When Michelle Obama stood by her husband, Barack Obama’s side at his Presidential Inauguration in 2009, wearing a white one-shouldered Jason Wu gown, she cemented her status as a style icon and put the-then little known designer on the map.
Throughout her eight years as First Lady she has managed to perfectly balance the pressure of being the FLOTUS with a love of fashion, proving you don’t have to dress down to be taken seriously.
In her time in the job, she always strived to support up-and-coming designers, like she did in *that white dress.
So it was only fitting that she chose to once again wear a design by Jason Wu for her husband’s Presidential Farewell Address this week.
The navy lace dress was custom-designed for the occasion, and was perfectly coordinated with Barack’s navy suit.
Wu shot to international fame after he received the First Lady’s stamp of approval in 2009 and the pair cultivated a strong relationship over the years wearing the designer on numerous occasions.
When the president was re-elected for a second term in 2013 she turned to Wu once again, this time donning a fiery red velvet and chiffon gown, this time a bolder choice, perhaps symbolic of her growing confidence in her ability in the role.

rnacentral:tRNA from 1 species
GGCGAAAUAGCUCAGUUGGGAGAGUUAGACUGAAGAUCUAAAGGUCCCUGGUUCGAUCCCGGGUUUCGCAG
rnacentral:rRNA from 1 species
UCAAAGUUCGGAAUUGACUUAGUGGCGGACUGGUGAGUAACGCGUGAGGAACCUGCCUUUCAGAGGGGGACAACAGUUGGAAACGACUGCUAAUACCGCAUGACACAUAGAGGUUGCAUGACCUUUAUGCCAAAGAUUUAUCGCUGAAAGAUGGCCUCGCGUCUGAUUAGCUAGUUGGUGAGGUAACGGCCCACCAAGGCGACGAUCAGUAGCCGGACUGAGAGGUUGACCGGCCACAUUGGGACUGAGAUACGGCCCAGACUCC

“She is a first lady who looks great and embraces fashion as part of her message,” Wu told the New York Times in 2013.” When she first wore my dress, the world took notice. It is easy to have a first fairy tale moment. Her choice four years later was a real testament about how our relationship has lasted and how she has matured into the role—a certain consistency that was almost unexpected.”
During his speech this week, President Obama paid tribute to his First Lady and all that she has achieved during his two terms in office.
“Michelle Robinson, girl of the South Side, for the past 25 years, you’ve been not only my wife and mother of my children, you have been my best friend. You took on a role you didn’t ask for and made it your own with grace and with grit and style and good humor,” he said, wiping away the tears.
“You made the White House a place that belongs to everybody,” he said. “And a new generation sets its sights higher because it has you as a role model. You’ve made me proud. You’ve made the country proud.”